You can do so via Eventbrite—the event is free to attend.

St. Ann’s Academy recognizes the heartbreaking impact their institution had on Indigenous Peoples, and by hosting and providing a platform for Indigenous voices, they are taking ownership of the past and wish to strive towards a better future.

  • Where: 835 Humboldt Street
  • When: Saturday, September 30th from 4:30 p.m. to 7 p.m.

Bones and Crows: The Vic Theatre

Vic Theatre will be showcasing Marie Clements’ film, Bones and Crows.

Clements is a Canadian Métis playwright, performer, director, producer, and screenwriter. Her other films include Red Snow and Looking at Edward Curtis.

As described, Bones and Crows is a heartbreaking and powerful story that follows Aline Spears through “the haunting past of Canada’s residential school system as she continues her family’s resilient fight against systemic hunger, discrimination, and sexual abuse.”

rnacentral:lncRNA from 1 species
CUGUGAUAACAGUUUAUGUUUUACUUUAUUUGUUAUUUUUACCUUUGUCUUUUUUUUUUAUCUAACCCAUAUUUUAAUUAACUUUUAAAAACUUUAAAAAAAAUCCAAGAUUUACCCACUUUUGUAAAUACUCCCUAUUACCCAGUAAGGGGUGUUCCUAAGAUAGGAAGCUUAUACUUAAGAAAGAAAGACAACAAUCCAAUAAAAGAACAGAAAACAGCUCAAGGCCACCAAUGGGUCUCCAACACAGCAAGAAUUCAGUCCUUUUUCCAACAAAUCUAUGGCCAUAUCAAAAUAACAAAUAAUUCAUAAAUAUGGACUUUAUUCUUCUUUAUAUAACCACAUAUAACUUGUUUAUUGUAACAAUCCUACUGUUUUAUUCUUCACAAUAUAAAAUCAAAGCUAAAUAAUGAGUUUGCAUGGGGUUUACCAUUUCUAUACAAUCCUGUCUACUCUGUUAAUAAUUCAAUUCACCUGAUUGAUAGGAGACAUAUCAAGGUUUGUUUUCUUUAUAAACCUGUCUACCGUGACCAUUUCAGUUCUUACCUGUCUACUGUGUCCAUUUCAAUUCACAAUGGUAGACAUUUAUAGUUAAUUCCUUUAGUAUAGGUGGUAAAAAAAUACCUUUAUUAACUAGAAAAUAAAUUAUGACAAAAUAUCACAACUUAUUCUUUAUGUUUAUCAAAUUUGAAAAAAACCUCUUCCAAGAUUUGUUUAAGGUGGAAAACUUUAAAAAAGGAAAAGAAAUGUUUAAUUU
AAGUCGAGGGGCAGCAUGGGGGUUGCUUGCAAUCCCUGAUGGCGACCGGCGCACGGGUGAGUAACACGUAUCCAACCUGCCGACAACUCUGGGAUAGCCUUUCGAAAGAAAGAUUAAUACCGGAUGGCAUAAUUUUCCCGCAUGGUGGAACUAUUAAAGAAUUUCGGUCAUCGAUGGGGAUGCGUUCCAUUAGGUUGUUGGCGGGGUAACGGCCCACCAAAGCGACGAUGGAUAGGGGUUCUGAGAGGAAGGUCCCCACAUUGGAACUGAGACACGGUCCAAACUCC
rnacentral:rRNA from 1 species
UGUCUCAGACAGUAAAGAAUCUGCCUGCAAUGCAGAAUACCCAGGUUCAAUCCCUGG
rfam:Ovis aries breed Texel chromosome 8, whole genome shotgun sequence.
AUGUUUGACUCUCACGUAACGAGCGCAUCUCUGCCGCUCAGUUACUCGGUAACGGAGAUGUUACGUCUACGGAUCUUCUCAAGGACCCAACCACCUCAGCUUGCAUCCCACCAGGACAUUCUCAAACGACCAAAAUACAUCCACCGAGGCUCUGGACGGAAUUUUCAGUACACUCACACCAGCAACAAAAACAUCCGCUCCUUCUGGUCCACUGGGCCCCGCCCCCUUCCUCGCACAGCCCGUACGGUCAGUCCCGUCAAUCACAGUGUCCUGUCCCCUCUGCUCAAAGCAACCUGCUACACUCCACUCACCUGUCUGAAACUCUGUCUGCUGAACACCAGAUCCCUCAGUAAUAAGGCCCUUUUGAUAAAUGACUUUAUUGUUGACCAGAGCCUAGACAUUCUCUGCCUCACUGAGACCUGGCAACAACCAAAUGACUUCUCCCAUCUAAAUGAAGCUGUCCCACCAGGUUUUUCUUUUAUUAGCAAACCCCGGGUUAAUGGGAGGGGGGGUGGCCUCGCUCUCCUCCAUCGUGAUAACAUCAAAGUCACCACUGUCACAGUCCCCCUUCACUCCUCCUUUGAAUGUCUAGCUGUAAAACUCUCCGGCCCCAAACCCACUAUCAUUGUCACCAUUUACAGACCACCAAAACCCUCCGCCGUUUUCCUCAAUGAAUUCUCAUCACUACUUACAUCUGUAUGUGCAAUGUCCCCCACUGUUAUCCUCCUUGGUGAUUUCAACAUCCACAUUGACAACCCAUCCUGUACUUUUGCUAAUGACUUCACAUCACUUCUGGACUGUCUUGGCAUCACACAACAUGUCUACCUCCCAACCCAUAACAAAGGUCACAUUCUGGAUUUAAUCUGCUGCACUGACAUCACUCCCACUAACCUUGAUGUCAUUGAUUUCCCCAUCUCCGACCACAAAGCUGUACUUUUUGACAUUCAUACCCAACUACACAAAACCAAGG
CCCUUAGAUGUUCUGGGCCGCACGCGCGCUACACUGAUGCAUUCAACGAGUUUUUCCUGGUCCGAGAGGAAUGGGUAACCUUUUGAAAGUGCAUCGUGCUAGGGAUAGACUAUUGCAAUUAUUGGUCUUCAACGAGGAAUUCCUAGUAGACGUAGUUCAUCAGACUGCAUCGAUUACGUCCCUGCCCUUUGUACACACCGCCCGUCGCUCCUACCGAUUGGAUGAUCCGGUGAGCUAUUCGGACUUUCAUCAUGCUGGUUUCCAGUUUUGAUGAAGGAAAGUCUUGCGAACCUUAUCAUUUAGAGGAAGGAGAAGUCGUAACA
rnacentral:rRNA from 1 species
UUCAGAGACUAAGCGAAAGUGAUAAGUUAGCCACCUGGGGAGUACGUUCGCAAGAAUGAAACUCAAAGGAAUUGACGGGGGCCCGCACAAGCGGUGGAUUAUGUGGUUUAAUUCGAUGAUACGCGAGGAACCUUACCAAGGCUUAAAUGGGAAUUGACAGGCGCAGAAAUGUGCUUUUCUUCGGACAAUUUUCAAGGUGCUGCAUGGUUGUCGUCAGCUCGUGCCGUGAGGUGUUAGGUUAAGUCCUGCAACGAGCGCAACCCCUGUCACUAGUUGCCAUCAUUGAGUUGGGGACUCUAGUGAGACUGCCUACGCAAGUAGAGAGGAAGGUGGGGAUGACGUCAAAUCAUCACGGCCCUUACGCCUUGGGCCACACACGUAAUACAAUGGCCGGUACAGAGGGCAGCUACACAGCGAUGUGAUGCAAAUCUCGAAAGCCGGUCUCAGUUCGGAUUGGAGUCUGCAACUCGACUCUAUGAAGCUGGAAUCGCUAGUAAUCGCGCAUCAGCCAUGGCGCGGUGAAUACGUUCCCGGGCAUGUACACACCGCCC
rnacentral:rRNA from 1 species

You can watch the trailer for the film below.

Tickets are around $13 and can be purchased on Vic Theatre’s website.

  • Where: 808 Douglas Street
  • When: Saturday, September 30th at 6:45 p.m.

Truth and Reconciliation Ceremony at Royals Game

As a part of their home-opener series, the second game on Saturday, September 30th is dedicated to National Day for Truth and Reconciliation.

Instead of wearing blue, wear orange and pack the rink with the colour honouring Indigenous children lost and/or displaced by residential schools.

If you’re still looking for an official Orange Shirt, we have a list of approved places—which means organizations who donate all proceeds from the shirts to creating awareness and providing education about the toll residential schools took on Canada.

You can buy your tickets online here.

  • Where: Save-On-Foods Memorial Centre, 1925 Blanshard Street
  • When: Saturday, September 30th puck drops at 6:05 p.m.

 

Have we missed anything? Let us know in the comments!

 

 

With files from Curtis Blandy